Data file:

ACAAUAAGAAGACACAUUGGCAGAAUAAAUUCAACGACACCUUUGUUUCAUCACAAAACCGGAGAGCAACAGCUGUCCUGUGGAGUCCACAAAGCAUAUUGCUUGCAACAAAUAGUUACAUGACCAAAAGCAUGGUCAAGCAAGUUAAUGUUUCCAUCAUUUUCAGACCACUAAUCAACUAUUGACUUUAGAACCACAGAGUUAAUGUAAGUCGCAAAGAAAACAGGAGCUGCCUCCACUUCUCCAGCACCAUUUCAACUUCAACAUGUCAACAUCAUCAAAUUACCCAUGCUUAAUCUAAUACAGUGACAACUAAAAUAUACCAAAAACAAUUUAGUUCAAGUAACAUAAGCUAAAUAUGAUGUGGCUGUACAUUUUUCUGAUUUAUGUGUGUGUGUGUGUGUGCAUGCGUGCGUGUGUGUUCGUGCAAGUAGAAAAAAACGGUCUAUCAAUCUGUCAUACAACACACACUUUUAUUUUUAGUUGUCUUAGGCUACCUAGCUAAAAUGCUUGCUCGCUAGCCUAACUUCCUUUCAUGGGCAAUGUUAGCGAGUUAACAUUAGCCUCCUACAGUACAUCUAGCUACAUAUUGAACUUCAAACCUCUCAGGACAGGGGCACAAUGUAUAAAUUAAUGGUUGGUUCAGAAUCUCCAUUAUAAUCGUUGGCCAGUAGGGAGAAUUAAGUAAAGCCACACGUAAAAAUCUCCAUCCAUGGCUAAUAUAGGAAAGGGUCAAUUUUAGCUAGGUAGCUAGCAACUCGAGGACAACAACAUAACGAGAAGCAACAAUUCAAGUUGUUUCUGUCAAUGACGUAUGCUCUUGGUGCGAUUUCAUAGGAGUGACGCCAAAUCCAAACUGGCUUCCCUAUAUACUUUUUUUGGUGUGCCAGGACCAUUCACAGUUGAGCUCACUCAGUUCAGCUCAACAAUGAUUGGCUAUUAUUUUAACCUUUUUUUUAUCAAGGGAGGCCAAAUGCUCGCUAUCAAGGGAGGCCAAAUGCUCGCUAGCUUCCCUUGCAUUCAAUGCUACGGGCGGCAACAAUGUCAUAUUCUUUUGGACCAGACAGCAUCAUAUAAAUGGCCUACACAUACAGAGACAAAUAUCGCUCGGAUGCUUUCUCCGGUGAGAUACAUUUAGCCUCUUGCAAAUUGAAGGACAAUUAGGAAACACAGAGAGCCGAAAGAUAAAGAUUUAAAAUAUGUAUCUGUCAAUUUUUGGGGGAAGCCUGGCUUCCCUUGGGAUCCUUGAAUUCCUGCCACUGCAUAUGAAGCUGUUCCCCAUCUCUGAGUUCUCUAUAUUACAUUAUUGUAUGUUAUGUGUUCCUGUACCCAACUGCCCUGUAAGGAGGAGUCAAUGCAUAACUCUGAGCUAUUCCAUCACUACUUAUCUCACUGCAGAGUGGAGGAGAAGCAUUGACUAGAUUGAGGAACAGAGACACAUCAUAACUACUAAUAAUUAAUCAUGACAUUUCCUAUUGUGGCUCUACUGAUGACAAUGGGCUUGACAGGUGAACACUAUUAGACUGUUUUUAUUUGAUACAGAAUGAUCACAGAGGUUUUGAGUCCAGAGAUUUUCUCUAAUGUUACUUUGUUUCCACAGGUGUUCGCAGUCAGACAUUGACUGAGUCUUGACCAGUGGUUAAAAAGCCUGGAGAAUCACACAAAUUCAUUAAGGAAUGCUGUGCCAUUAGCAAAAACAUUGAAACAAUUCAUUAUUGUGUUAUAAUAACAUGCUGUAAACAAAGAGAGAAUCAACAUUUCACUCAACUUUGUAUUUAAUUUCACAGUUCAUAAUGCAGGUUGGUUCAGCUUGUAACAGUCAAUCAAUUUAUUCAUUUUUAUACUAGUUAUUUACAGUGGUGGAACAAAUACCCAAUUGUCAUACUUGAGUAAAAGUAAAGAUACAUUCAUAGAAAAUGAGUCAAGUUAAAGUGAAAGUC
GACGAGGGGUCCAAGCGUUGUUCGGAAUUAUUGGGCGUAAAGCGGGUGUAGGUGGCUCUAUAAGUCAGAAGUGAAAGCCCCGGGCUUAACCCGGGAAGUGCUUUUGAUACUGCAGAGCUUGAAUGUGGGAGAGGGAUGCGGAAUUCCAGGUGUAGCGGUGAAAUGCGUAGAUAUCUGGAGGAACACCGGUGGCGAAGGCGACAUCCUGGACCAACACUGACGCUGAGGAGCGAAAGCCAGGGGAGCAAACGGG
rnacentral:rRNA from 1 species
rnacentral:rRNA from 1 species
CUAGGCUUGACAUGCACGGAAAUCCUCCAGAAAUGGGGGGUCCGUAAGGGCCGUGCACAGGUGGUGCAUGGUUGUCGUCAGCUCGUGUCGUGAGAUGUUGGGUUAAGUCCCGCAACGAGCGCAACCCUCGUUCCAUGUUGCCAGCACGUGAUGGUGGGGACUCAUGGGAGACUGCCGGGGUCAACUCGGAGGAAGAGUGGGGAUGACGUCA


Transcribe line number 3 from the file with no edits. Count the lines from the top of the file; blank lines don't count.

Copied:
rnacentral:rRNA from 1 species